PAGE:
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Problem Solving Group

Overcoming Obstacles to Group Problem Solving

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One of the advantages of group problem solving is pulling in experiences, ideas, and strategies from a variety of sources. For that to happen, the group has to achieve a certain level of trust in each other and the ability to communicate clearly. 

However, assuming the group does trust its members and are able to communicate, the steps in group problem solving follow the steps in individual problem solving: defining and analyzing the problem, establishing criteria for solutions, generating solutions, selecting the best solution, and then implementing the solution.

So why is group problem solving so much more difficult?


Obstacles to Group Problem Solving

A study of 760 students, published in the Journal of Personality and Social Psychology, found that the optimum size for a problem solving group is three to five people. But even in an optimum group, obstacles to group problem solving arise, including:

    • Poorly defined problem
    • Lack of interest in the problem
    • Unequal participation by members of the group
    • Lack of criteria for establishing potential solutions and selecting the best solution
    • Inadequate expertise or resources in the group
    • Inability to get buy-in from stakeholders who were not part of the group
    • Failure to move on to implementation. 




Addressing the Obstacles

Several different methods have been proposed by various researchers for overcoming the obstacles. Any group involved in problem solving should meet the following criteria:

  • Information: To address a poorly defined problem, the group should focus on gathering and analyzing information; the group needs to know why the problem is important, why it should receive priority, and why should it be turned over to this group.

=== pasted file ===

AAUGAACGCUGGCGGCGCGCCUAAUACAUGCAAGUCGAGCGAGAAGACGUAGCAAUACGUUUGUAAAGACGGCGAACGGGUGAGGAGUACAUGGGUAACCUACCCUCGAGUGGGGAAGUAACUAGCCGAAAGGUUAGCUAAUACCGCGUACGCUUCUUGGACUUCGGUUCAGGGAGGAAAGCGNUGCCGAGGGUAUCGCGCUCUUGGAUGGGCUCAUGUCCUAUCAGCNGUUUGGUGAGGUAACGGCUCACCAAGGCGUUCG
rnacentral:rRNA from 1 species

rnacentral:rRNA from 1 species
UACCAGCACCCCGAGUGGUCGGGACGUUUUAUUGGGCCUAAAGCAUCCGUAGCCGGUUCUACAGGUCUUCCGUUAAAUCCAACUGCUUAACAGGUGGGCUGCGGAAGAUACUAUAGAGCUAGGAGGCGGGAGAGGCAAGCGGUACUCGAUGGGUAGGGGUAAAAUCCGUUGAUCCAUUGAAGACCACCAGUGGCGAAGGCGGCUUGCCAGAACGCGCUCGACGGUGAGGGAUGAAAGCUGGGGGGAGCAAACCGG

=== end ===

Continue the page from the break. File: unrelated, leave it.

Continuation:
• Meaningfulness: To address lack of interest, the group leader should show why this problem is meaningful to the group; for example, how it directly affects the group’s mission, values, or goals or how it contributes to helping others.
  • Fairness: To address unequal participation, the group leader might ask each member to research or define the problem separately—or to work on solutions separately—and then come together for discussion; in addition, the group should uphold the basic rules of communication.
  • Help and support: To address inadequate expertise or resources, the group should be expanded and supported to acquire what it is missing; an outside expert might be called in or resources might be allocated from another project.
  • Influencing: To address the inability to get buy-in, the techniques in group decision making come into play, as well as the techniques for influencing decisions, in this case the decision to accept the offered solution.
  • Diversity: To address the failure to move on to implementation, the group may benefit from increased diversity, that is, from including individuals who see themselves and perform as implementers. 


Evaluating Group Problem Solving

Once the problem has been solved and appropriate action has been taken, the group should turn to evaluation, to find out how the problem solving process can be improved. The group now has experience in a type of problem, group interaction, and solution that may be applicable or related to other problems faced by the organization. That wealth of knowledge should be captured to help prevent recurring obstacles.

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